The lessons of the Holocaust are being forgotten

This normalization of bigotry and hatred toward Jews will have profound implications for generations to come.

A Nazi's salute at a neo-Nazi rally in Kansas City, Missouri. (Dave Kaup/Reuters) (photo credit: DAVE KAUP / REUTERS)
A Nazi's salute at a neo-Nazi rally in Kansas City, Missouri. (Dave Kaup/Reuters)
(photo credit: DAVE KAUP / REUTERS)
‘Antisemitism is not a Jewish illness,” the preeminent Holocaust historian Yehuda Bauer told world leaders in a speech in Jerusalem earlier this year marking the 75th anniversary of the liberation of Auschwitz, “but a non-Jewish one.”
Addressing the Fifth Holocaust Forum, Bauer went on to describe antisemitism as “a cancer that kills and destroys your nations and your countries.”
At first glance, this was perhaps a surprising statement to make at an event marking the date the Red Army liberated the Nazi concentration camp where more than one million Jews were murdered, the engine of Hitler’s industrial slaughter machine.
What Bauer was saying, though, was that Hitler launched World War II for ideological reasons precisely because of his antisemitism and his belief in the need to protect humanity from “replacement by international Jewry.”
That it was this ideological motivation that plunged the world into darkness and led to war and tens of millions of deaths; in Europe, some 29 million non-Jewish deaths.
“So,” Bauer said, “there are, my friends, 29 million reasons for you to fight antisemitism. Not because of the Jews, but to protect your societies from a deadly cancer. Don’t you think that 29 million reasons are enough?”
Yet, as we mark the 81st anniversary of the outbreak of World War II, it seems that increasingly the lessons of those dark days are being forgotten.
Civil unrest and economic and political instability are growing and further radicalizing extremists and fueling antisemitism.
In the United States, recent civil rights protests have been infected with antisemitic discourse.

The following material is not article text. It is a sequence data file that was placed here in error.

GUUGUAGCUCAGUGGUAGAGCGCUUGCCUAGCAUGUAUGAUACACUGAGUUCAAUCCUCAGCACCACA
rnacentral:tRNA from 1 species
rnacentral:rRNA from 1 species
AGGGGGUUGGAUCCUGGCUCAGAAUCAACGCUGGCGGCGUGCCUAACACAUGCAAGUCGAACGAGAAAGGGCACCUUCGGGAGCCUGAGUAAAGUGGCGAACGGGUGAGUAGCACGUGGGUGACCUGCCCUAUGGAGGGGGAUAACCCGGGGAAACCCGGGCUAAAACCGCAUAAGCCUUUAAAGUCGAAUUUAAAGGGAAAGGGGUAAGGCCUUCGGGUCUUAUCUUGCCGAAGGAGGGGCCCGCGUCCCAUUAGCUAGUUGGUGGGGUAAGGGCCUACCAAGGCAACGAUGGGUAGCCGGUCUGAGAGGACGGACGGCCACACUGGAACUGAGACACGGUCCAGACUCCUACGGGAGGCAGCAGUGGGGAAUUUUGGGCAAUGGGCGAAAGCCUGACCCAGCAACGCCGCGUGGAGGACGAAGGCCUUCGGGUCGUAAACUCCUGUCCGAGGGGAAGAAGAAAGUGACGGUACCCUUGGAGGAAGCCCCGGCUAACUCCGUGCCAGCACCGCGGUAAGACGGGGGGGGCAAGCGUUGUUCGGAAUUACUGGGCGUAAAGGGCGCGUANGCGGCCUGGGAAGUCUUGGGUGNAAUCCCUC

The coronavirus has led to a surge in classical antisemitic conspiracy theories and tropes, blaming Jews for the outbreak of the pandemic, and at the same for both spreading infection and profiting from the disease.
Expressions of antisemitism and anti-Zionism on social media by prominent American and European public figures – celebrities, pop stars, athletes and influencers – are bringing hatred and intolerance toward Jews, Israel and the memory of the Holocaust into the mainstream.
This normalization of bigotry and hatred toward Jews will have profound implications for generations to come.
As economies around the world tremble under the weight of the devastating economic effects of the coronavirus pandemic, as unemployment becomes entrenched and protest and anti-government sentiment become endemic, extremism, hatred and antisemitism are only likely to increase, providing fertile ground for the spread of extremism just as they did some 80 years ago.
Before war broke out in September 1939, no one could have imagined the horrors that would emerge, but today we cannot say that we do not know what happens when hatred in all its forms rears its head, and as we mark another solemn anniversary, events must serve as a wakeup call.
We call on governments around the world to show zero tolerance toward antisemitism, all forms of intolerance and hatred toward all minorities; to broaden teaching of the Holocaust and other genocides, as well as the lessons of World War II and the period leading up to the outbreak of war.
Every year, as chairman of the International March of the Living, the quintessential expression of collective Holocaust memory, remembrance and Jewish identity, I lead a delegation to Auschwitz, a monument to human depravity, to the end product of hatred, intolerance and dehumanization.
As an educational organization, the International March of the Living is committed to teaching that all human beings are created in God’s image, and are worthy of equal dignity and respect; to build a world free of oppression and intolerance, a world of freedom, democracy and justice, for all members of the human family.
This year, because of the pandemic, the March of the Living was canceled, and in its place we are launching an innovative virtual community to inspire tolerance, inclusion and respect as a message to counter hatred, intolerance and bigotry.
We can no longer say we do not know that hatred and intolerance lead to war and genocide. We cannot afford to stand still for one moment.
We cannot let the antisemitism cancer spread unchecked.
The writer is chairman of the International March of The Living.